CBS Marks 50 Years Since Cronkite’s Anti-War Activism With Vietnam

During Tuesday’s CBS Evening News, the network paid homage to their legendary broadcaster and former anchor Walter Cronkite on the 50-year anniversary of his liberal anti-war efforts during the Vietnam War. It was a celebration of the abandonment of journalistic objectivity and the rise of activist reporters no longer reporting the news but shaping it.

“For it seems now more certain than ever that the bloody experience of Vietnam is to end in a stalemate,” Cronkite said in the clip CBS played after they came back from a commercial break. “But it is increasingly clear to this reporter that the only rational way out then will be to negotiate, not as victors but as an honorable people who lived up to their pledge to defend democracy and did the best they could.”

Anchor Jeff Glor touted the clip noting, “That was Walter Cronkite 50 years ago tonight. 33 days later, President Johnson announced he would not run for re-election. Years later, Cronkite reflected on Johnson's decision.

“I don't think our broadcast had a principal effect on, that but I think it was a straw on the back of a lot of indications that he was unhappy with the progress of the war and thought he ought to-- he himself ought to get out,” Cronkite boasted in a second clip.

 

 

As an activist journalist, Cronkite had a long history of putting a liberal spin on the news he reported. And as the Media Research Center’s Brent Baker wrote back in the late summer of 2003:

A couple of weeks ago Walter Cronkite, the anchor of the CBS Evening News for about 20 years ending in 1981, started writing his new weekly column for King Features. In the first one, he claimed that "basically I'm a fiscal conservative and a social liberal" and went on to rationalize why journalists are liberals. In the second one, he outlined his recommended "basic goals" for the Democrats, ten liberal agenda items made to seen as innocuous as possible.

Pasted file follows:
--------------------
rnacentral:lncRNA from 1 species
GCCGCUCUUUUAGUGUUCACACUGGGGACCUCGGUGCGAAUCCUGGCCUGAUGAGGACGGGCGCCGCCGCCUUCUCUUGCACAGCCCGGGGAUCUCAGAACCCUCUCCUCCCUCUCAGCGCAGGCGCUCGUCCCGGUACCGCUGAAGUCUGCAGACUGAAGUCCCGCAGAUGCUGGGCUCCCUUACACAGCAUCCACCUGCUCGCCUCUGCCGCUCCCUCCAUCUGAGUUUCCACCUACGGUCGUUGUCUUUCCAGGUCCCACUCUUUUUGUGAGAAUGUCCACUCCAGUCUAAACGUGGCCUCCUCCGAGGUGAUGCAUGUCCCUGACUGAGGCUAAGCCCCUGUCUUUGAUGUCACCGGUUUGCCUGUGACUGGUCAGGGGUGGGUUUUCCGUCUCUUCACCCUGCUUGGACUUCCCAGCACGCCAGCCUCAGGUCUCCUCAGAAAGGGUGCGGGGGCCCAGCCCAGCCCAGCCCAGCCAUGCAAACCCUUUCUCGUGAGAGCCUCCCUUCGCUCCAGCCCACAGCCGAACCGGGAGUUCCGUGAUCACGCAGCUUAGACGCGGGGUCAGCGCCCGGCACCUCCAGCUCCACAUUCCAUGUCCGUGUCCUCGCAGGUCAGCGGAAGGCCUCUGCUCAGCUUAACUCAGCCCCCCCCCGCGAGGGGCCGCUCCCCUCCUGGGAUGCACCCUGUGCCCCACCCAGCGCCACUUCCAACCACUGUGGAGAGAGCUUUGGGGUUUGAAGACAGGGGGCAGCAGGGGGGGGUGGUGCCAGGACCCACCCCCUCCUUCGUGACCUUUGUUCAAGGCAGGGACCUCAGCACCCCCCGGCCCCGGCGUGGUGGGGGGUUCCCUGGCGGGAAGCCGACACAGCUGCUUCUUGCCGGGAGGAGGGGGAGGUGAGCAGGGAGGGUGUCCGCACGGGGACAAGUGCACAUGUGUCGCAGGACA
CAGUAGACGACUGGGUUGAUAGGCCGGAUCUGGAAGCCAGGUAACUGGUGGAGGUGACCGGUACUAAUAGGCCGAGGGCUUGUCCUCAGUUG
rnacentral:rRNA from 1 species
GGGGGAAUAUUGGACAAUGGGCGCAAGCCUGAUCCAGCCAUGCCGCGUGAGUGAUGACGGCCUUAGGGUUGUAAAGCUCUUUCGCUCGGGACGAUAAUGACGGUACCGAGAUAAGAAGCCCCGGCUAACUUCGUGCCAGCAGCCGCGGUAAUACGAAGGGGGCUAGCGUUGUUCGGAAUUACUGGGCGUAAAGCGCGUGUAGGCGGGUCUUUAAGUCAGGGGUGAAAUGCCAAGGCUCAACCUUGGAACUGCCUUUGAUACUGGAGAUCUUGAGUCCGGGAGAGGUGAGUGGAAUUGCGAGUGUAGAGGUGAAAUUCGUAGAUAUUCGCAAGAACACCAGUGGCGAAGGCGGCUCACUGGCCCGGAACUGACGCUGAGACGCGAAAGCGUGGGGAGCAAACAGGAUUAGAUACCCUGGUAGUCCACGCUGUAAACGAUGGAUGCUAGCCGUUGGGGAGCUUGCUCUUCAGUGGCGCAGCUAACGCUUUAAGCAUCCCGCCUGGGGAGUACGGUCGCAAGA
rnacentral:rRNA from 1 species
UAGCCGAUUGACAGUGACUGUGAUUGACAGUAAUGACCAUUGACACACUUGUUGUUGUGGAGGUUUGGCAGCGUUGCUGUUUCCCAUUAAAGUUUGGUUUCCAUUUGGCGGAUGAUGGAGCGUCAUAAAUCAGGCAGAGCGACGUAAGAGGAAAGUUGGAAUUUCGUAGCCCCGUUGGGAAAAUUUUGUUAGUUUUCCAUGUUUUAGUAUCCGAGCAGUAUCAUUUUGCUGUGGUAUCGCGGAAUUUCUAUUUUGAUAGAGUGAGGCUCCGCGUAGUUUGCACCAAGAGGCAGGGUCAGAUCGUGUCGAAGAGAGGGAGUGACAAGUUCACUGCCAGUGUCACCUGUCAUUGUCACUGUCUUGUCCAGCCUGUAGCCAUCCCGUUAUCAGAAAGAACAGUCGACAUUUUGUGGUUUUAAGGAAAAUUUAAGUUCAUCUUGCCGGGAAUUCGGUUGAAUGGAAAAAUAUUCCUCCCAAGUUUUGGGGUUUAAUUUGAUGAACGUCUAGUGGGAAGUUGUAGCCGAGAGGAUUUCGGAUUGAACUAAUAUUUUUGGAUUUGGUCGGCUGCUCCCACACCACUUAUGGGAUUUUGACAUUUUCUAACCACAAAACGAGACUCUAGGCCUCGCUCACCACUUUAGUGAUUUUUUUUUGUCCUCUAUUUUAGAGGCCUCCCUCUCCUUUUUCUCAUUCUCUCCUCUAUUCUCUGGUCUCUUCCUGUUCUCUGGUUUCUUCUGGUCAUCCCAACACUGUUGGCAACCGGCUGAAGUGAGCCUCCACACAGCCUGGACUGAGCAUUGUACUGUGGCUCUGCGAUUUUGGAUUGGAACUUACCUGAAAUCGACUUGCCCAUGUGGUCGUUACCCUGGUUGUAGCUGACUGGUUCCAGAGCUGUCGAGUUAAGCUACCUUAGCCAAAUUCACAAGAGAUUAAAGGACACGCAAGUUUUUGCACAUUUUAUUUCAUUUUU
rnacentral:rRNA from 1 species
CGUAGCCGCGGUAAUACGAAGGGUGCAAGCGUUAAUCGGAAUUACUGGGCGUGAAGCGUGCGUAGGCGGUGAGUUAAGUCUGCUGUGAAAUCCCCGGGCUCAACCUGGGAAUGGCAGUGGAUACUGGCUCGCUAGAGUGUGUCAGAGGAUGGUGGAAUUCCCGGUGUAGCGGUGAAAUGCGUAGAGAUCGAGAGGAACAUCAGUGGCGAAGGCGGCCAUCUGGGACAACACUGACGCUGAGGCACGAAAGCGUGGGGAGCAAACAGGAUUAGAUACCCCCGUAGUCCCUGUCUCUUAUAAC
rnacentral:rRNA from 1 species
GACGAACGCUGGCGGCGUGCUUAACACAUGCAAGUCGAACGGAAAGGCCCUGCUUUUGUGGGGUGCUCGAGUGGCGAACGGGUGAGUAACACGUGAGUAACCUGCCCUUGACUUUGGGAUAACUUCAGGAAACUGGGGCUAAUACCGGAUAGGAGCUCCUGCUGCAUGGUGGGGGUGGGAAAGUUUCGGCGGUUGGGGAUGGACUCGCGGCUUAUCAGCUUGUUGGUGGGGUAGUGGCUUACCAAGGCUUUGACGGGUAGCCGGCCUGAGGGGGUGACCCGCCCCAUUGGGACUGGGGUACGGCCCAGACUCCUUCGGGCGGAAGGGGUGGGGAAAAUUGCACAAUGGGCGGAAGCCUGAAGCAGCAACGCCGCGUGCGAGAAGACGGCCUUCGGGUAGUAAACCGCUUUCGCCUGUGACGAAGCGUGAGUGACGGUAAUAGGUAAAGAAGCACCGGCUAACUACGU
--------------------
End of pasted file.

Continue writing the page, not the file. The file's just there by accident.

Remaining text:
Cronkite explained the liberal nature of reporters by asserting they had reached some sort of “intellectual adulthood” because of their “daily close-ups of the inequality in a nation that was founded on the commitment to equality for all. So we are inclined to side with the powerless rather than the powerful.”

The CBS report was essentially a victory lap for the network, in that they seemed as though they wanted to remind their viewers they had a hand in America’s embarrassing withdrawal from Vietnam.

Transcript below, click expand to read: 

 

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CBS Evening News
February 27, 2018
6:51:14 PM Eastern

WALTER CRONKITE: For it seems now more certain than ever that the bloody experience of Vietnam is to end in a stalemate. But it is increasingly clear to this reporter that the only rational way out then will be to negotiate, not as victors but as an honorable people who lived up to their pledge to defend democracy and did the best they could.

JEFF GLOR: That was Walter Cronkite 50 years ago tonight. 33 days later, President Johnson announced he would not run for re-election. Years later, Cronkite reflected on Johnson's decision.

CRONKITE: I don't think our broadcast had a principal effect on, that but I think it was a straw on the back of a lot of indications that he was unhappy with the progress of the war and thought he ought to-- he himself ought to get out.

GLOR: 50 years ago tonight.

NB Daily Foreign Policy Vietnam Military Broadcast Television CBS CBS Evening News Video Jeff Glor Walter Cronkite

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